- Mark Robertson
- 8 May 2007
Man & Boy
They’ve been out of the limelight but Travis have been busy, starting families, getting out of their musical comfort zones and learning to be friends again. Mark Robertson finds out if they’ve rediscovered their magic
New album The Boy With No Name is more of a grower than your other ones. Have you had time to go back, reflect on it and enjoy it?
Fran Healy We’re beginning to get a bit of distance from it so you get an idea of what it’s about.
Dougie Payne The Man Who was the biggest grower. When that record came out no one liked it. It didn’t get released in the States until a year later.
FH Everyone gave it terrible reviews.
DP This album has got a lot of different facets. That’s one of the things that makes it such a strong collection of songs.
FH I think we always make albums like that. Everyone says it’s like adjusting your mindset to someone else’s - because the songs are personal. They’re not written to any remit other than what’s going on in my brain at that particular time. They’re like a nice pair of shoes; once you’ve broken them in they’ll last you and the reactions people still give us for older songs live is amazing. When you’re in a band the only thing you can try to do is write what you think might last and the only way you can make something last is by not lying. That and try to find a melody no one’s ever done before.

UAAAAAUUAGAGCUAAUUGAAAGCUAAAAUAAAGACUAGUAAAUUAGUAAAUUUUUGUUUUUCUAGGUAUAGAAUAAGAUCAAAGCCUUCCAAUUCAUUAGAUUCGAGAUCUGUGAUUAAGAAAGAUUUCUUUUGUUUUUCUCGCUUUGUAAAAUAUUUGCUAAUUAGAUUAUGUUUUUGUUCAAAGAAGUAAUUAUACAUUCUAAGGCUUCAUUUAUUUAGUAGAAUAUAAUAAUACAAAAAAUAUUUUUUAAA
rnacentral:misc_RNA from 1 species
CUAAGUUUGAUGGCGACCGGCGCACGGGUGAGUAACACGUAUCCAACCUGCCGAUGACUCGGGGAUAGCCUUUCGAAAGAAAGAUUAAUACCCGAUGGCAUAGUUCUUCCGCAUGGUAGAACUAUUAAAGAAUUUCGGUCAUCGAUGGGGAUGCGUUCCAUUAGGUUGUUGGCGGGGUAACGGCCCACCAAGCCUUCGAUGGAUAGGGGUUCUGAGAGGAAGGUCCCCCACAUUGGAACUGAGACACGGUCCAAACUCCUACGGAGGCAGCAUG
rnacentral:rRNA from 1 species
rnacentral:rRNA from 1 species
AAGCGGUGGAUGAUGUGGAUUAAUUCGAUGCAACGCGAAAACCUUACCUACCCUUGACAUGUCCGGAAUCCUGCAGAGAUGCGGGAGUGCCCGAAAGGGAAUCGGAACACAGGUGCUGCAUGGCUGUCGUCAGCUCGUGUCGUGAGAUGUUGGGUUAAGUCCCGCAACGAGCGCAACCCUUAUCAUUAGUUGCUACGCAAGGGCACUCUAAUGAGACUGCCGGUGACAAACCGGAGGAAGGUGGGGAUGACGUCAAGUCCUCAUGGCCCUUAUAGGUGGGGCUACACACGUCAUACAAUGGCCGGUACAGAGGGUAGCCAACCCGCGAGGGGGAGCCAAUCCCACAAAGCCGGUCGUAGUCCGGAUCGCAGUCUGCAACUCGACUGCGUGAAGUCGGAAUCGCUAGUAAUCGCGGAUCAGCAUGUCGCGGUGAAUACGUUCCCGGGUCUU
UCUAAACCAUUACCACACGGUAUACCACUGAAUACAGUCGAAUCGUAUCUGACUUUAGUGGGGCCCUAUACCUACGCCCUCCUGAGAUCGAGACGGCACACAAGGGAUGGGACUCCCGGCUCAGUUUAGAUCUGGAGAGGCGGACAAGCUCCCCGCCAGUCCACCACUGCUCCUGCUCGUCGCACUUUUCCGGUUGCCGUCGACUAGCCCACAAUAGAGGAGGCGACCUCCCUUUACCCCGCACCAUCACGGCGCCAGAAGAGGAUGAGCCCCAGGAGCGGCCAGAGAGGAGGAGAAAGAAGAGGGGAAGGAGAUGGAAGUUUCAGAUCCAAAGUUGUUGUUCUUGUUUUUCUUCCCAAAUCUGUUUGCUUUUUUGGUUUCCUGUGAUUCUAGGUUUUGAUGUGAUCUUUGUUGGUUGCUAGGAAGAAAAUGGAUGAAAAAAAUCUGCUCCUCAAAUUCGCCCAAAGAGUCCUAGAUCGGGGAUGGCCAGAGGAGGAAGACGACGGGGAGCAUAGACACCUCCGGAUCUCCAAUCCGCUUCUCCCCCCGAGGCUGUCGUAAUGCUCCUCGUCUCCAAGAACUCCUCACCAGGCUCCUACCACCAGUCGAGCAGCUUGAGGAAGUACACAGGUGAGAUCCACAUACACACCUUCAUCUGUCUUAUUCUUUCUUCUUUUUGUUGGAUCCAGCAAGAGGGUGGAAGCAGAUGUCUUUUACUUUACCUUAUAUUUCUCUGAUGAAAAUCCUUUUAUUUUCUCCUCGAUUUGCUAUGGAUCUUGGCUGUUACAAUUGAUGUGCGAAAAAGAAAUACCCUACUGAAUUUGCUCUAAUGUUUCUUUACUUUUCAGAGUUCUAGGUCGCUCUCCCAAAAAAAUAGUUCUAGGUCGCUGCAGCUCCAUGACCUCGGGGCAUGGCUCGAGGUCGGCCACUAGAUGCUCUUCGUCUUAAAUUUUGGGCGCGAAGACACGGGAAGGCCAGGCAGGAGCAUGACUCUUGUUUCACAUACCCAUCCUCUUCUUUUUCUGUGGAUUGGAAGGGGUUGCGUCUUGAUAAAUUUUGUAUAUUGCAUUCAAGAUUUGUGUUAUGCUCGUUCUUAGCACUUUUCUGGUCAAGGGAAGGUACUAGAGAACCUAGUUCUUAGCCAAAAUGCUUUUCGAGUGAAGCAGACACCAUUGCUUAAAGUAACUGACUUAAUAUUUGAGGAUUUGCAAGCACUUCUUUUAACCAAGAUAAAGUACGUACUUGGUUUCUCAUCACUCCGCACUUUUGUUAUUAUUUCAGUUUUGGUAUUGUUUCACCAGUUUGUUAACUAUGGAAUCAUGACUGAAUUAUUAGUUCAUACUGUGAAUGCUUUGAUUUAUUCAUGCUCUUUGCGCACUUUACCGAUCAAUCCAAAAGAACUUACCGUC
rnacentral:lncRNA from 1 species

Does it seem like a long time since the NME were calling you ‘new acoustic or soft rock’?
FH When emo was coined, we were one of the first emo bands.
Because emo used to mean a guy on an acoustic guitar singing heartfelt songs?
FH Now it means the guy looking like he’s about to cry in the video. The wee fella from My Chemical Romance is very amusing.
DP We go ego-surfing to check how the record’s doing and I was on YouTube looking for the most downloaded song. I looked at My Chemical Romance - 19 million views!
You’ve lived in London for 10 years. Do you miss Scotland?
FH The world’s a very big place and if you’ve lived somewhere for 23, 24 years then of course that’s where your roots are. But it’s nice to get to as many corners of the world as you possibly can in your lifetime because I think that’s one of the major ways you can broaden your mind and gain some wisdom by seeing how other people live and think.
I noticed you were working with Brian Eno . . .
FH We said ‘right, who haven’t we worked with? Who would we love to work with?’ And drew up a wish list. We asked him if he wanted to go into the studio to jam and he was like, ‘Brilliant’.
DP We went into the back studios for a long weekend. It was just exactly as you wanted it to be - you know, the Bowie stories all that - it was a bit of a fantasy. He had his oblique strategy cards [a system devised by Brian Eno to force musicians out of their comfort zones] so we’d shout things out and he’d write them all down. He made a little pack of cards and we had to pick two and play according to those adjectives.
FH . . . on an instrument we’d never touched before . . .
DP It was all random chord structures up on the whiteboard put into coloured sections. He’d say, ‘OK, it’s in 3/4, and it’s quite quick and blue’. It was like going to the gym or something. He’s such an intelligent man so you feel compelled to show off a bit. We had a great time and it was crucial for what came afterwards. Because we realised that we’re not a jamming band.